#wecantmarch London meet-up

Just a few days after the #wecantmarch hashtag took off, a few of us met in London to share thoughts and ideas. This wasn’t an official meeting for “organisers”, and we would love for similar meetings to happen all over (in real life or online!) and for your ideas and contributions to be published/shared with the rest of us too. We would also love to hear thoughts and responses to these ideas!


We talked broadly about the massive impact that #wecantmarch could have on radical movements.

As we attempt make non-frontline activism more visible and accessible, we hope to shift emphasis away from single events such as marches. To build and participate in a radical movement is to keep momentum, which is dependent on the work that is done in between and behind such “bigger” events. This is also part of bringing into the movement the types of activism and labour which is usually invisibilised, relegated, and undervalued. We want for movements to have a greater understanding that things such as childcare and online activism are active political roles, and not merely supporting ones.


We had various ideas about how the blog can move forward.

The blog can be a hub of resources for people seeking to get involved in more accessible forms of activism. Just a few categories of such activism that we came up with were:

  • Anti-repression and legal work. This could include: information about legal system/processes and how to support those who are arrested or dealing with the criminal justice system; information and direction on how to write letters to incarcerated people, and how to coordinate letter-writing workshops; and ready-to-use/disseminate bust cards and legal information.
  • Propaganda design. This could include: how to go about designing flyers/posters, which programmes to use and how to use them.
  • Radical uses of arts/crafts. This could include: how to make banners, book-shields, zines, and all kinds of other stuff, as well as already made ones which can be re-used or re-printed.
  • Online activism and media. This could include: how to navigate and manage the likes of twitter accounts, facebook pages, email listservs and blogs most effectively; how to ensure safer spaces in online spaces; how to ensure an effective security culture in online spaces in order to preserve anonymity when desired and avoid doxxing. Doxxing is when someone’s personal information is published or “outed” online or to others.
  • Information on radical self-care and mutual aid.
  • How to stay safe when we do go on marches. This could include: having ready-made templates of cards with medical information and how to respond in emergencies.

The blog could also be a space for people to continually contribute with more resources and also with their personal experiences, testimonies, thoughts, ideas, and art. There was talk of setting up a Youtube channel, as an option for those who would rather or are more able to contribute and communicate without typing and/or reading.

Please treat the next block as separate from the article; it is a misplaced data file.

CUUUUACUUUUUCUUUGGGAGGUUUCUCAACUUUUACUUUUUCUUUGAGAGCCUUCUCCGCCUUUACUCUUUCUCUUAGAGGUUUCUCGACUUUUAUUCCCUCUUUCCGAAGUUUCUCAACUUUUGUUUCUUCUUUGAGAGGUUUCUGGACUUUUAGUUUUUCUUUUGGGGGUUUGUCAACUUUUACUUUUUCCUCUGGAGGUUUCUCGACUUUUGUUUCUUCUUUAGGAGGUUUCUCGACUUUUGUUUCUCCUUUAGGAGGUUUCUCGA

Aside from the blog, we talked about how we can do outreach and impact different collectives and organisers to ensure that different forms of activism and involvement are available and accessible.

For example, in the run-up to events or marches such as the one planned for June 20th 2015, how can we work towards having an impact? Various suggestions were made:

  • Some individuals and collectives have already offered to make placards and hold them for those who cannot be there. We could get in touch with organisers and see how they can get more people involved who won’t be able to attend the march.
  • We could coordinate a mentor/buddy system at demonstrations, where people can stay with others, hold their placard, communicate for them if necessary, help them with whatever needs they may have, and take out potential risk zones,
  • Radical conferences and events are a good way for some people who can’t march to get involved. People could run workshops at conferences to make more accessible, and we could provide organisers with resources on how to make their conferences more accessible.


In terms of making involvement with #wecantmarch beyond using the hashtag as accessible and inclusive as possible, a number of suggestions were also made:

  • Offline meetings should be as accessible as possible. Comments and questions can come from twitter, and we should try our best to meet the various needs of those who attend. For example having a sign language interpreter when necessary, or using an effective sign to speech app.
  • We should try to publish things in easy read where possible, if anyone has experience in writing in an easy read style this would be incredibly useful for increasing accessibility.
  • It was suggested that we host semi-regular open addresses on the blog. This is an open thread as a blog post, which has a brief blurb with a live, moderated comment section. Different open addresses could have different themes and would be a great chance for people to pool ideas and thoughts.